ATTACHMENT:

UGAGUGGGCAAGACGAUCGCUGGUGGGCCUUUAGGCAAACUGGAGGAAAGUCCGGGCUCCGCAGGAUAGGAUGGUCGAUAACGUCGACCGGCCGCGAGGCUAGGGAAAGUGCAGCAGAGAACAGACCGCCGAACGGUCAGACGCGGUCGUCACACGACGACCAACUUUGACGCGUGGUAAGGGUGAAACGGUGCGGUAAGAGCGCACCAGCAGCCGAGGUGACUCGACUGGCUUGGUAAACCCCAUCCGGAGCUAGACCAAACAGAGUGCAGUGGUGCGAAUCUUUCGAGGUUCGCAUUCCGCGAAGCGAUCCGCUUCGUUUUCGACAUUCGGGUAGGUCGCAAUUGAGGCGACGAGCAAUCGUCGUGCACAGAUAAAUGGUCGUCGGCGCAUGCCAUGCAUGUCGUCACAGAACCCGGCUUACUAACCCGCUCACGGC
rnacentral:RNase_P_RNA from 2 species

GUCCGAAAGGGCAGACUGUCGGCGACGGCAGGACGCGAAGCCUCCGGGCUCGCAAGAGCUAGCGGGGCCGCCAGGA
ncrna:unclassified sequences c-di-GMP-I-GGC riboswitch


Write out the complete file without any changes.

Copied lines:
UGAGUGGGCAAGACGAUCGCUGGUGGGCCUUUAGGCAAACUGGAGGAAAGUCCGGGCUCCGCAGGAUAGGAUGGUCGAUAACGUCGACCGGCCGCGAGGCUAGGGAAAGUGCAGCAGAGAACAGACCGCCGAACGGUCAGACGCGGUCGUCACACGACGACCAACUUUGACGCGUGGUAAGGGUGAAACGGUGCGGUAAGAGCGCACCAGCAGCCGAGGUGACUCGACUGGCUUGGUAAACCCCAUCCGGAGCUAGACCAAACAGAGUGCAGUGGUGCGAAUCUUUCGAGGUUCGCAUUCCGCGAAGCGAUCCGCUUCGUUUUCGACAUUCGGGUAGGUCGCAAUUGAGGCGACGAGCAAUCGUCGUGCACAGAUAAAUGGUCGUCGGCGCAUGCCAUGCAUGUCGUCACAGAACCCGGCUUACUAACCCGCUCACGGC
rnacentral:RNase_P_RNA from 2 species

GUCCGAAAGGGCAGACUGUCGGCGACGGCAGGACGCGAAGCCUCCGGGCUCGCAAGAGCUAGCGGGGCCGCCAGGA
ncrna:unclassified sequences c-di-GMP-I-GGC riboswitch